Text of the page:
Waiting room crowding and agitation in a dedicated psychiatric emergency service

BACKGROUND: Emergency department crowding is a growing problem that impacts patient care and safety. The effect of crowding has not been examined in emergency psychiatric services.


METHODS: The association between patient census and use of restraints, seclusion, and anti-agitation medications as needed was examined for 1 month.


RESULTS: A total of 689 patients were seen in 31 days. The average hourly census was 6.8 ± 2.8 (range 0 to 18). There were 33 incidences of seclusion or restraint and an additional 15 instances of medications administered for agitation. The use of seclusion, restraint, or medication for agitation was significantly associated with census (r2 = 0.3, F = 5.47, P = .036).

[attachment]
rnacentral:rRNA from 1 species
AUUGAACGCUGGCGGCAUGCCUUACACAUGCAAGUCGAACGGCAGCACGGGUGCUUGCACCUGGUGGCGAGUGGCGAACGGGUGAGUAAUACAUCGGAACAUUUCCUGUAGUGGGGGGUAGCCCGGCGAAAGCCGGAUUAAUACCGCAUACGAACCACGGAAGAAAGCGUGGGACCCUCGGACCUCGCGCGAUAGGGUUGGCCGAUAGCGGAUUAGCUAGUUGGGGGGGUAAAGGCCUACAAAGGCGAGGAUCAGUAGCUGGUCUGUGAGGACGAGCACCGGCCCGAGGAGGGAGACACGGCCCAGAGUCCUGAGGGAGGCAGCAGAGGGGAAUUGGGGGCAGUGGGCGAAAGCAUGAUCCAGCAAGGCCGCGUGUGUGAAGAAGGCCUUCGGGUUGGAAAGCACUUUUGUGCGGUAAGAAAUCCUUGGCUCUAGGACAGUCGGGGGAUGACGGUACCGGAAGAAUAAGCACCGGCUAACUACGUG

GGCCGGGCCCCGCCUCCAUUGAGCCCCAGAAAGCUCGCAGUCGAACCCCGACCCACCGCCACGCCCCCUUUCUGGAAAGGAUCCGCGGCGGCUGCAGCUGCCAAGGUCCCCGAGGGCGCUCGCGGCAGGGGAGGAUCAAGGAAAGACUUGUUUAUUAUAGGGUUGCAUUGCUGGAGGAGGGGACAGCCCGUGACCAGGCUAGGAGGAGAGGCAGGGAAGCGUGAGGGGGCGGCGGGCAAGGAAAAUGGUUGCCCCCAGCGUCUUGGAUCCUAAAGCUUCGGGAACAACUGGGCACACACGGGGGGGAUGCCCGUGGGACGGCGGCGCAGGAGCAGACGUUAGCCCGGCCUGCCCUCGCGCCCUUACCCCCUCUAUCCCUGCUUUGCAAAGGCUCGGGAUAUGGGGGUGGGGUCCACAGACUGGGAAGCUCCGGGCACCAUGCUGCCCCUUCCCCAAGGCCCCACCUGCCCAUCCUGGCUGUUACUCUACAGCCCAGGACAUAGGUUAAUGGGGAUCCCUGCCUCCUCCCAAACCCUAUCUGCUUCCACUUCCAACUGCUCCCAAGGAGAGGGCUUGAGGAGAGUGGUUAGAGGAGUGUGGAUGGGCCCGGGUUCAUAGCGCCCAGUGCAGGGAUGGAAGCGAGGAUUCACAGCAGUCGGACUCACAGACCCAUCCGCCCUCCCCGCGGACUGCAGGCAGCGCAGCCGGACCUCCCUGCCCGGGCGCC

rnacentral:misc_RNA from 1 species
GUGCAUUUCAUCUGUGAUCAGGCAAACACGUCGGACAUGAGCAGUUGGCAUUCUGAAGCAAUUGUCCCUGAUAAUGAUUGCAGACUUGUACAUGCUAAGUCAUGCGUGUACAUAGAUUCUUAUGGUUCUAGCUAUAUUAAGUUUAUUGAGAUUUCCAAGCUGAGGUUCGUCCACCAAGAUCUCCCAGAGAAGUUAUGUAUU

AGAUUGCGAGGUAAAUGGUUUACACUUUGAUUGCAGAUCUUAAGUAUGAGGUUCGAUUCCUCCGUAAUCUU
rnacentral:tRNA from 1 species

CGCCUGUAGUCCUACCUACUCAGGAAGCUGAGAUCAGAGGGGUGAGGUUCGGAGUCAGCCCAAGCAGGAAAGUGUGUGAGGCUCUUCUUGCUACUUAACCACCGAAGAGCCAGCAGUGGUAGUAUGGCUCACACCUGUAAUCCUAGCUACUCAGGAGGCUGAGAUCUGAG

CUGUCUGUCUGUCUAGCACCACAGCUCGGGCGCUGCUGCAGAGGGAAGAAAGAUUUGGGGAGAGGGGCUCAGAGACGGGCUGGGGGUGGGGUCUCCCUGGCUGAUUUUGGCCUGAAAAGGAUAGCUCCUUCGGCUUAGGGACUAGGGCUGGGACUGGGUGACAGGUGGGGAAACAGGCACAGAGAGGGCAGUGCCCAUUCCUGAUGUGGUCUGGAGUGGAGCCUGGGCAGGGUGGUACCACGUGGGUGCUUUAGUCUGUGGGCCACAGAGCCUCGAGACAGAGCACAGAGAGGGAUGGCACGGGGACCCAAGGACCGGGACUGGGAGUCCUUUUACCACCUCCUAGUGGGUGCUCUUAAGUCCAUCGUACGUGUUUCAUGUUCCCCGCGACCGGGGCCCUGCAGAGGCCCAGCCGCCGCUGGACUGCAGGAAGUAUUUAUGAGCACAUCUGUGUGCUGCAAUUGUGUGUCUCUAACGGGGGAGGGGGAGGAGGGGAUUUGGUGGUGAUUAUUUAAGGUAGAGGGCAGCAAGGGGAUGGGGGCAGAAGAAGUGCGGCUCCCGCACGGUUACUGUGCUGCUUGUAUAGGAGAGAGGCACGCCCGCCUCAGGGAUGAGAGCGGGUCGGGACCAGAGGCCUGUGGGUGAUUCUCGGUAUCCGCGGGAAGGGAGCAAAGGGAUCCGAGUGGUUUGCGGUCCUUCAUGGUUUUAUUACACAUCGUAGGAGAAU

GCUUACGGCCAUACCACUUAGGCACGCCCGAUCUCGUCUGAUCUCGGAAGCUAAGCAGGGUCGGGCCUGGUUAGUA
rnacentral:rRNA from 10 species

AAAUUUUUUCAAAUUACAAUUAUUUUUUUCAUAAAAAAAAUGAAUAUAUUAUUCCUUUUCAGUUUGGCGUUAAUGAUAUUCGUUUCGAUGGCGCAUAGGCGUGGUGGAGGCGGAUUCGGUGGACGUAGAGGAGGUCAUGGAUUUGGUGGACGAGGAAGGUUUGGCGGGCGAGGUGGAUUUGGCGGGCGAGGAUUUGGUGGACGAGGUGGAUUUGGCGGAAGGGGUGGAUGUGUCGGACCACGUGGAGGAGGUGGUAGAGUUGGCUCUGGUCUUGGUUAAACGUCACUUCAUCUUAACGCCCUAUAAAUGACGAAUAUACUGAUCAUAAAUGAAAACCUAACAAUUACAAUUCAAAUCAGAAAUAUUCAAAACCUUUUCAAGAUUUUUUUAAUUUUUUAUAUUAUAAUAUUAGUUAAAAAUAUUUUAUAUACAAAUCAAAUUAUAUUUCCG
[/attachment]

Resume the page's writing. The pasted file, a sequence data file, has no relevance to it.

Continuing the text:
CONCLUSION: Crowding in emergency psychiatric waiting rooms may increase the need for seclusion, restraint, or medications for agitation.

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